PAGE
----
Sometimes I say I will talk about something later. Sometimes I actually do. It’s a crazy world we live in. Several days ago, the orchestra that Rhiannon and I play in served as the music for The Wild Goose Masquerade Costume Ball. At just a touch over three hours long with breaks, this was the longest performance that either one of us had ever played in.
Suffice it to say that we had absolutely no idea what to expect when we went there and we were not disappointed. If you were looking for old men in suits and masks, you were not disappointed. If you were looking for younger men dressed up in sailor outfits, you were not disappointed. If you were looking for a college-aged girl with combat boots, knee-high black stockings, a pink spaghetti-strap top and one arm completely covered in tattoos, you were not disappointed. All told, I believe that there were around 300 people in attendance.
Sheena went with us, seeing as how her alternative was to sit around at our house by herself. Not knowing what to expect (and knowing we were playing for the “Friends of Traditional Dance”), we had originally worried that most people there would be older and she would be bored with nothing to do and no one to dance with. Put a young attractive blond single girl in a room with men who at least think they know how to dance – she was not bored. (Whether or not she was always having a good time… that may be a different topic for discussion. (But really, we all had a good time.))
For those of you who play stringed or reeded instruments, or, for those of you who don’t play any instrument at all, you may not understand the pain that comes from playing a brass instrument for three hours on one night when you do well to play for more than five hours in any given week.
I will attempt to take you though the different stages a brass player goes through during a three-hour concert when they are woefully unprepared to play for that long.
-Warm-up: Play two low, long notes. Make sure there is no spit in your instrument. That’s enough, we wouldn’t want to overdo it now.
-Full Orchestra Warm-up: This is the part where you tune and play together so a half-hour later when your instrument is cold, you will have no hope of being any where close to the correct pitch. Also, occasionally, the conductor will ask the brass what the worst possible passage would be to play multiple times and then proceed to rehearse said passage multiple times. Conductors are cruel, heartless people (Hi Mom!).
-Pre-Concert Break: Buzz lips to keep blood flowing knowing full well you don’t have a chance at making it through the upcoming ordeal with half the blood vessels in your lips still in one piece.
-First Set: Start on the highest note you can think of. Hold it as long as you can. Continue to play for the next fifty minutes. In the middle of this 50 minutes, end one song on a note one step above the highest note you could think of to start the concert. Feel good for playing the correct note until you feel the blood return to your head and realize that the pressure must have cut off circulation to your brain.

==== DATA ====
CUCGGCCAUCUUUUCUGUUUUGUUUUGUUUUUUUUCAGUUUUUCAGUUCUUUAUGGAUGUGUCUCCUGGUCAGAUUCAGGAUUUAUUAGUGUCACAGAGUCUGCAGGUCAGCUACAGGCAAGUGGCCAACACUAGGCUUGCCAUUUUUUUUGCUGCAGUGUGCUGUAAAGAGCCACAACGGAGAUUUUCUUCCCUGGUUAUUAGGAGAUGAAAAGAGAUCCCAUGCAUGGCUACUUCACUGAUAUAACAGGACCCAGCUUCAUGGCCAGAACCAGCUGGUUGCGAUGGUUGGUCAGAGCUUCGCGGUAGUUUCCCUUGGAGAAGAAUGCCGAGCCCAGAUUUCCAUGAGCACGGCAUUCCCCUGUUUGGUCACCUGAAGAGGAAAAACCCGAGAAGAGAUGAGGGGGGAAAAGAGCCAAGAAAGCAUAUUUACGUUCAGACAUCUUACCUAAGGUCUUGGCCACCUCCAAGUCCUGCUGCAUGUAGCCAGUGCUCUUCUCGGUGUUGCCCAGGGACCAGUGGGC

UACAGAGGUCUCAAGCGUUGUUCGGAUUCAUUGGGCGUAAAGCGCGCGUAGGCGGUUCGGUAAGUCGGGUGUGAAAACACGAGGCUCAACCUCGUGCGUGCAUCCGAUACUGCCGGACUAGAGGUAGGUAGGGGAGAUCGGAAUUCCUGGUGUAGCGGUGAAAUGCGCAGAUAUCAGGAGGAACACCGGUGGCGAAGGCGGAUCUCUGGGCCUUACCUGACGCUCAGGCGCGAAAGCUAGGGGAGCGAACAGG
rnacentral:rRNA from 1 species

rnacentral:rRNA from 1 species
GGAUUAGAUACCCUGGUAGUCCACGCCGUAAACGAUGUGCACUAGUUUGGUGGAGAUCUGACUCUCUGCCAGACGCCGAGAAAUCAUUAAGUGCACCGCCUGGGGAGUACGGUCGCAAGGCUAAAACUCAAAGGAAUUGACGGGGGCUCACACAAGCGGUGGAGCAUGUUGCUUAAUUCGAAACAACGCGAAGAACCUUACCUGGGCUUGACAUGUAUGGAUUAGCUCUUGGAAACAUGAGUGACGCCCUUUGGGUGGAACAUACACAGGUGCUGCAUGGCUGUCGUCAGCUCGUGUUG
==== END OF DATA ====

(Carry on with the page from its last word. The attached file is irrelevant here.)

-First Break: Keep your mouthpiece with you to keep it warm. Drink plenty of water and eat light fruits – nothing that would get in your instrument.
Second Set: Any last vestiges of optimism quickly disappear with the completion of the first song. By the end of this hour, you will have a slight red haze to your vision and an imprint of a mouthpiece will have taken up permanent residence on your embouchure. As a bonus, at the end of this set, you may be asked to play in a polka band with clarinets that will never tire. They are at least 50 years older than and will play you under the table any day of the week. Play 4 songs as loud and fast as you can. Repeat. Several times.
Second Break: You no longer care about what happens the rest of night; this is now a battle for survival. Eat cheese, crackers, and any random shots of pure grain alcohol that may be lying around.
Final Set: At some point, just after you realize that as much air is leaking out the sides of your mouth as is actually going through your instrument. Soon, you will get the brass player’s high. This rare euphoric feeling, only reached in rare circumstances, involves the complete loss of feeling in your head. You are now set to finish the performance strong. Every muscle in your face has been strained or injured in some way. Every note you play does further damage, but you are too far gone to notice. Finish the concert.
In about an hour, your face will begin to tingle and buzz. This is you coming down off the high. You either need to play your instrument again or check into a detox center. Either way, it isn’t going to be pretty.
All in all, a good night. We go back next spring for the formal Wild Asparagus Ball. Because, really, the Tame Asparagus Ball would just be lame.